Olga Kevelos

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A few months ago, I had an email from Colin Turbett, asking if I’d like to review his biography of Olga Kevelos for the WIMA news. Now I’ll admit that prior to Colin’s email, I hadn’t heard of Olga, probably because I’m too young and know nothing about tri-als biking. But a quick Google furnished me with the basics and I happily agreed to review the book. For those like me, who don’t know, or need a refresher, Olga Kevelos was a big name in trials motorcycle events. Beginning to compete as the only female rider in the late 1940s and continuing right up until 1966, sometimes with other women, such as Molly Briggs but often alone. Long rambling short, I was sent a copy and dug in. 

The book, titled ‘Playing with the Boys’, consists of accounts of her childhood and the atti-tudes that paved the way for her entrance to the motorbiking world, her numerous compe-titions, anecdotes from old friends and relatives and a list of the bikes she had and compet-ed with over the years. These records are interspersed with copies of letters to and from Olga, photographs and a few paintings, newspaper clippings and drawings. 

The early chapters cover Olga’s childhood, her disinterest in schooling and an enduring in-terest in pirates and Errol Flynn. It follows on to document her work during the war, first with Mills (the hand grenade maker), then with the Admiralty in the nautical almanac office; lastly, she volunteered with the inland waterways, crewing on narrowboats transporting coal or metal around the country. My favourite anecdote from this section was Olga’s own account of encountering ghosts in a canal tunnel – make of that what you will. 

The rest of the book is naturally focused on Olga’s first experiences with motorcycling and the large number of events she took part in. Some were impressive suc-cesses, others less successful, due to accidents or just bad luck. I won’t go into too much detail, as that would spoil it for anyone who wants to read about it for themselves. Whatever the outcome though she was earning respect from the male competitors for her stubbornness, her perseverance and her physical strength.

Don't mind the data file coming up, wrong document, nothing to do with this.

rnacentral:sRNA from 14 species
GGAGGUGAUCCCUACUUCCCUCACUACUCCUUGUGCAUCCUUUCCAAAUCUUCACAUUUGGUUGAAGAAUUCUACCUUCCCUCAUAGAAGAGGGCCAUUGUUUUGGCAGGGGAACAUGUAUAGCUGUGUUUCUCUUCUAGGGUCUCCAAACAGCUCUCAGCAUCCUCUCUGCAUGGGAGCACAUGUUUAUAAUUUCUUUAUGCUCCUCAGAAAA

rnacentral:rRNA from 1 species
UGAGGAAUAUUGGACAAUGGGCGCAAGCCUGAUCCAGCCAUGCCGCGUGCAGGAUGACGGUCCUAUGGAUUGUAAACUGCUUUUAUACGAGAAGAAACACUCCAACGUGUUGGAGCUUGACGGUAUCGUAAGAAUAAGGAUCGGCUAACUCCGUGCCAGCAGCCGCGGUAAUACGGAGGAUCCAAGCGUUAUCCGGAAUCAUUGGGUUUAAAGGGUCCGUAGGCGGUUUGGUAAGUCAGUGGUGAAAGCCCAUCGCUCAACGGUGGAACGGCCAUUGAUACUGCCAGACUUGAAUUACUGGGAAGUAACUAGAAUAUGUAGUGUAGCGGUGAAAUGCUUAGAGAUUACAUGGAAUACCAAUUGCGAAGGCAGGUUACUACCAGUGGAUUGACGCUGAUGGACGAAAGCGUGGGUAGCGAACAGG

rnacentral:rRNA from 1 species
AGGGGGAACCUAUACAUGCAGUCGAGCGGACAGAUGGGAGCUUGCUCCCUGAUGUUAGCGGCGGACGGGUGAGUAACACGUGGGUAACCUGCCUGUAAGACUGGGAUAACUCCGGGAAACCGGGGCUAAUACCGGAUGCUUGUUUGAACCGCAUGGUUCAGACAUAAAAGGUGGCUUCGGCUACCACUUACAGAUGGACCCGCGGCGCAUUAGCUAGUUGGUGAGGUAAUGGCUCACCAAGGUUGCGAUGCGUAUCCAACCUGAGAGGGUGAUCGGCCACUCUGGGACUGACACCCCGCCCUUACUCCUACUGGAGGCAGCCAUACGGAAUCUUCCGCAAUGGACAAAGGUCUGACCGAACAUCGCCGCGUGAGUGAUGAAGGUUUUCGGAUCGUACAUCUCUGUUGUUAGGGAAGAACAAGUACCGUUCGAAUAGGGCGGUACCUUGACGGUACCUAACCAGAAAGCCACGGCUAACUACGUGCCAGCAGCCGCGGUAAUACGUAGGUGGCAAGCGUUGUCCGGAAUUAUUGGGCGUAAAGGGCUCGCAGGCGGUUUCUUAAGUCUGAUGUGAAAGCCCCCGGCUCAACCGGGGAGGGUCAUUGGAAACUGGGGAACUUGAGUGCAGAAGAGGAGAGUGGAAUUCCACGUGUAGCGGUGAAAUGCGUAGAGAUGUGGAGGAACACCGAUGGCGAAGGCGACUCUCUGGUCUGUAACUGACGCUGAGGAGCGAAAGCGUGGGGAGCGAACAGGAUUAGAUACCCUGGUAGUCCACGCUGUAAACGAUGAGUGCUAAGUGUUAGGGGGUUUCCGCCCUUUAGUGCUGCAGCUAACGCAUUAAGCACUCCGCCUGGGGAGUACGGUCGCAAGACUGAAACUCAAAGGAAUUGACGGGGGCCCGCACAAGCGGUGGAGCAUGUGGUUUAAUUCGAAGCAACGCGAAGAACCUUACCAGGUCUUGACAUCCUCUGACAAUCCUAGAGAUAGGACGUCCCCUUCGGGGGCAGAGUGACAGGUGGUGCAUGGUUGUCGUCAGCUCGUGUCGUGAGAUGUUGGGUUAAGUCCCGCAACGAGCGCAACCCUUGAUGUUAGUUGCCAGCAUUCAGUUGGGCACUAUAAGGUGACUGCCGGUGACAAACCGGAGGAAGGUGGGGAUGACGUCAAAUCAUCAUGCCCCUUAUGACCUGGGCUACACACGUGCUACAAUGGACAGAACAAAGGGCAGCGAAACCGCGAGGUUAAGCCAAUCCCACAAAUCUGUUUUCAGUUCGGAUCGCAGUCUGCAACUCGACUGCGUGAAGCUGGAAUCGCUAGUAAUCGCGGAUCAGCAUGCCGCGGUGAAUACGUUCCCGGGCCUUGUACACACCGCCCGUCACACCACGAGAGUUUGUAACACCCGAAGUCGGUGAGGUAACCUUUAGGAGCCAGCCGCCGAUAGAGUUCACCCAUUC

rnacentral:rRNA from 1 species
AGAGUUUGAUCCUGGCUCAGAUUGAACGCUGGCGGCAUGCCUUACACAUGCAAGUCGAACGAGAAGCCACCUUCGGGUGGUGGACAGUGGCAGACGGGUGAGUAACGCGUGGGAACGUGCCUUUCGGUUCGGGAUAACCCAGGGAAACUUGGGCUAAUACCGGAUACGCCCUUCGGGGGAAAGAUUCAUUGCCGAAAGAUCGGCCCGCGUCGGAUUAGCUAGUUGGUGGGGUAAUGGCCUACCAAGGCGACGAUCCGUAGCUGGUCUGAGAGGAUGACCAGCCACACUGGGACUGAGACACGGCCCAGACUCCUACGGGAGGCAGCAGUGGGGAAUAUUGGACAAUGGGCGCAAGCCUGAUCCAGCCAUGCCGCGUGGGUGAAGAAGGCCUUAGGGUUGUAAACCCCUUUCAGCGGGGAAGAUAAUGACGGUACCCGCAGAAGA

Playing with the Boys – Biography of Olga Kevelos 

As would be expected, Olga had to fight against all the prejudices of her time, but she strikes me, from what I’ve learned, to be the type not to care what anyone thought of her and she would have just carried on, unflustered by any disapproving looks she may have received. 

The rest of the book is naturally focused on Olga’s first experiences with motorcycling and the large number of events she took part in. Some were impressive successes, others less successful, due to accidents or just bad luck. I won’t go into too much detail, as that would spoil it for anyone who wants to read about it for themselves. Whatever the outcome though she was earning respect from the male competitors for her stubbornness, her perse-verance and her physical strength. As would be expected, Olga had to fight against all the prejudices of her time, but she strikes me, from what I’ve learned, to be the type not to care what anyone thought of her and she would have just carried on, unflustered by any disap-proving looks she may have received. 

These collected fragments help to build a picture of a woman who was determined to do her own thing, never mind what anyone else thought – a sentiment which I certainly admire, and I think would resonate with many members of WIMA. Olga did attend a rally in 1968, in Germany, which was when she was offered a membership, but she declined as she pre-ferred to ‘play with the boys.’ 

Olga died in 2009, just short of her 86th birthday. The family home was sold twice before its contents were fully examined and the material concerning Olga was found. Colin Turbett was fortunate in obtaining some of this and began the biography in 2015. 

I quite enjoyed the book. I’ve never read anything like it before – I tend to stick to fiction of the fantasy and sci-fi variety, and I know next to nothing about trials riding and early motor sport. But it was an enjoyable read, to anyone with an interest in motorcycle sport or just in the history of women in motorcycling then this is a good book for the shelf or as a gift for any independent-minded women. 

Molly Dibley 

The book is sold through Facebook ‘Olga Kevelos Biography’ but also from Colin at £20. Colin is reachable by email at: Ctur282388@aol.com